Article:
Beyond Meat, the publicly traded producer of plant-based protein replacements for meat, is currently giving other companies in the alternative meat space an education in just how finicky appealing to consumer tastes can be.
On the same day that the Canadian Tim Hortons restaurant chain is dropping Beyond Meat products from its menus, the company and fried chicken chain KFC announced the expansion of a pilot run of the company’s chicken replacement products at new stores in Nashville, Tenn., Charlotte, N.C. and across Kentucky, according to multiple reports.
KFC had originally launched a one-day test to gauge consumer demand at a location in Atlanta last August.
On Wednesday, Beyond Meat said that 66 restaurants will receive chicken products and chief executive Ethan Brown told Yahoo Finance that he expects his company to have enough capacity to potentially meet demand from all of KFC’s locations.
“The response in Atlanta continues to underscore the growing consumer demand for high-quality, delicious plant-based meats. Together with KFC’s team, we have created a plant-based chicken that looks, tastes and pulls apart like a chicken breast. I am very proud of what our R&D teams have accomplished and look forward to continuing to lead the charge on plant-based chicken,” said Ethan Brown, Beyond Meat founder and chief executive, in a statement.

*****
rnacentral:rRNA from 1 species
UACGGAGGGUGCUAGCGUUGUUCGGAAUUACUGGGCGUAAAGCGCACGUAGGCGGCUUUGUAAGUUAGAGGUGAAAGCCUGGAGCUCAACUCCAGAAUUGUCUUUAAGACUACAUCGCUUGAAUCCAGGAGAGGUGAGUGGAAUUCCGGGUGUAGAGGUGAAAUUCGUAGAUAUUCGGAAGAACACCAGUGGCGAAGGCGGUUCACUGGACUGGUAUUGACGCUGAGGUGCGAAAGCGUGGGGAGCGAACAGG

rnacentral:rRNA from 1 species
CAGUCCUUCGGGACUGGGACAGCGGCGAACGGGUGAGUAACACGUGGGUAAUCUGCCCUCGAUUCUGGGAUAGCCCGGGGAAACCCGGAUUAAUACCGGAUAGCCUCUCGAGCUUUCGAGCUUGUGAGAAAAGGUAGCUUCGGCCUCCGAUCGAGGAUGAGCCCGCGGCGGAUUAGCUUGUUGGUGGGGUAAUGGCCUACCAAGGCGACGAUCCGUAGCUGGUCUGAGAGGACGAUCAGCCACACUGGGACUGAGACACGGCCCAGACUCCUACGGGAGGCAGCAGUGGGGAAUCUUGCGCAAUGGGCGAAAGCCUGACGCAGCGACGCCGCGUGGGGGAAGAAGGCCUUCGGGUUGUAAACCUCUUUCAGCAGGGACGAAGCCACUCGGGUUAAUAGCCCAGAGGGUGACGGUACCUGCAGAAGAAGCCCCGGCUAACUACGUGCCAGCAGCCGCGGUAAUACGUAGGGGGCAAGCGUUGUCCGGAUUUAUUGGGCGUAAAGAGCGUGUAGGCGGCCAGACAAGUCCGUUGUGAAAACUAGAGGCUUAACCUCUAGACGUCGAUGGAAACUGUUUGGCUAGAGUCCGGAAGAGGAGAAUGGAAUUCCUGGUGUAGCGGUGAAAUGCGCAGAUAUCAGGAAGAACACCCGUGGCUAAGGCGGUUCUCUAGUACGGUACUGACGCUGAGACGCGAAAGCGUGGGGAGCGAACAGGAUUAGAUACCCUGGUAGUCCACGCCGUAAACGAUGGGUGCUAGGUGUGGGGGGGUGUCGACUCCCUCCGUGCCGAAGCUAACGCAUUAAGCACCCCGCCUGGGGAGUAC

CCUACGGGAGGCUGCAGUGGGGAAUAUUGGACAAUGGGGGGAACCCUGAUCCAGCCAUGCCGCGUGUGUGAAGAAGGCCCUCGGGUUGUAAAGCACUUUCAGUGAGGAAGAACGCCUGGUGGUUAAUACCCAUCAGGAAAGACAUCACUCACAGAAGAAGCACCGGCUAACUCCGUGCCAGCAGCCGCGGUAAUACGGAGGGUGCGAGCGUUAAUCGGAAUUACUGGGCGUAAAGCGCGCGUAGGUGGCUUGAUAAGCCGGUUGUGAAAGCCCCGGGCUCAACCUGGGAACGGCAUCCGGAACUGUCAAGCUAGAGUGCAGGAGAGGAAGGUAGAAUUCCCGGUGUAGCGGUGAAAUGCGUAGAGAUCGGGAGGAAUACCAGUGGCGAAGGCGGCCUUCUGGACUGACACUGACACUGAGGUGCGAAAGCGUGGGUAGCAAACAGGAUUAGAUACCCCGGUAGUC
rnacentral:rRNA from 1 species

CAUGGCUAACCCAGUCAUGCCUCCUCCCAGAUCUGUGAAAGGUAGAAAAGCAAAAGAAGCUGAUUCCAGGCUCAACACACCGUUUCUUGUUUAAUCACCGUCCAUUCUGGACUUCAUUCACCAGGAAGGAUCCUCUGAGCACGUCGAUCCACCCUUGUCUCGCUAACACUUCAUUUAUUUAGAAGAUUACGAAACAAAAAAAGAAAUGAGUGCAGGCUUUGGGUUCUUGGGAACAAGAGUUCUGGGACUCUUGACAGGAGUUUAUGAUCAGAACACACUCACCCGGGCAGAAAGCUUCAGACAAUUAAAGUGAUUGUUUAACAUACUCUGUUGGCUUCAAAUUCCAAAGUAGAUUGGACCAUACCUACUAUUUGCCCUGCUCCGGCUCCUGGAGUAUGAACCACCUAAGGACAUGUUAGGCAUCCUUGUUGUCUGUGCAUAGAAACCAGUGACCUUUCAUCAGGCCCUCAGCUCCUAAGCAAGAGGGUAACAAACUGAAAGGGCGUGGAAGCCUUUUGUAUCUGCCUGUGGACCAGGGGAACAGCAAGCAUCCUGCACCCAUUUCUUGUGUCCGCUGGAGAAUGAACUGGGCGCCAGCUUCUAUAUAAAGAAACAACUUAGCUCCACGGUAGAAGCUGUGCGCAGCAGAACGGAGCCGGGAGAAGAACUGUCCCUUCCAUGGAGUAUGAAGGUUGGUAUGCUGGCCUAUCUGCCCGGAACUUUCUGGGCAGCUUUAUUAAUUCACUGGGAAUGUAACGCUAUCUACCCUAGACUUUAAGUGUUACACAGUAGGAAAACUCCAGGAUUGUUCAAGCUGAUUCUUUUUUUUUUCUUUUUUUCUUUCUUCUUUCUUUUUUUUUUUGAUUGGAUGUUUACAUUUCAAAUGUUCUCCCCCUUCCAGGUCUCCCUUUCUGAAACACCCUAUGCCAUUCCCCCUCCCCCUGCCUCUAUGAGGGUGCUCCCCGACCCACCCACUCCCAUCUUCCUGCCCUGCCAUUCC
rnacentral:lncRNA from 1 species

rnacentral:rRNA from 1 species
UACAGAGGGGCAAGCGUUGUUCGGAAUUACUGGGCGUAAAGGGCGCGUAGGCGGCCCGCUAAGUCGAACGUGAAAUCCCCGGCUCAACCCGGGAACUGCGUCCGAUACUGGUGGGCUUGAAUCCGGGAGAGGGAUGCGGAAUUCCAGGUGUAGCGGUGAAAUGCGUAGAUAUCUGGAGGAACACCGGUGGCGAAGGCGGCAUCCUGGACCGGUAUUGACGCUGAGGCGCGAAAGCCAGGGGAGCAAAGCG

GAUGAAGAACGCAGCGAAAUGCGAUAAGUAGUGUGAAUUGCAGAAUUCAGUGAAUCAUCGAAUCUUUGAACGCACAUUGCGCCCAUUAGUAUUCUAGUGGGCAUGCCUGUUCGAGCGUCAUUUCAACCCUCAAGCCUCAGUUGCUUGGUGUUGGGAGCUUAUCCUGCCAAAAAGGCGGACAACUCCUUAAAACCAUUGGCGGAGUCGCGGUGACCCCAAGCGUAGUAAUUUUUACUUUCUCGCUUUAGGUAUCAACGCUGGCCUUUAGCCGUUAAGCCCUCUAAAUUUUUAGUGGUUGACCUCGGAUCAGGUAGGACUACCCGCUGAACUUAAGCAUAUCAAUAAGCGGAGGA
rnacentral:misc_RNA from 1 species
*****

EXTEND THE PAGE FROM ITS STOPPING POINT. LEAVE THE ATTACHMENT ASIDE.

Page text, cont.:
Despite the good news, investors would be wise to not count their chickens before they hatch (or are formed into chicken-like approximations from pea protein and a mix of other ingredients).
The restaurant chain Tim Hortons is actually pulling Beyond Meat from its stores at the same time as sales are slowing for Burger King’s Impossible Whopper from Beyond Meat rival Impossible Foods.
Taken together, the reports may point to a slowdown in consumer interest for meat replacements at fast food chains.
Still, even as the Tim Hortons door closes, other doors are opening at dining establishments willing to welcome the Beyond Burger onto broader menus. On Monday, Denny’s became the latest chain to offer a Beyond Meat burger at all of its locations.
With the latest partnership, the company seems to be pulling away from its other well-capitalized rival Impossible Foods, despite the decision to scrap the company’s menu items.
Beyond Meat’s ability to manufacture at scale seems to have been one of the deciding factors in the company’s partnership with McDonald’s, something that Impossible Foods chief executive Pat Brown referenced in an interview with Reuters earlier this month.
Denny’s launched its Beyond Burger in restaurants across Los Angeles last year and will now take the menu item to more than 1,700 locations across the U.S.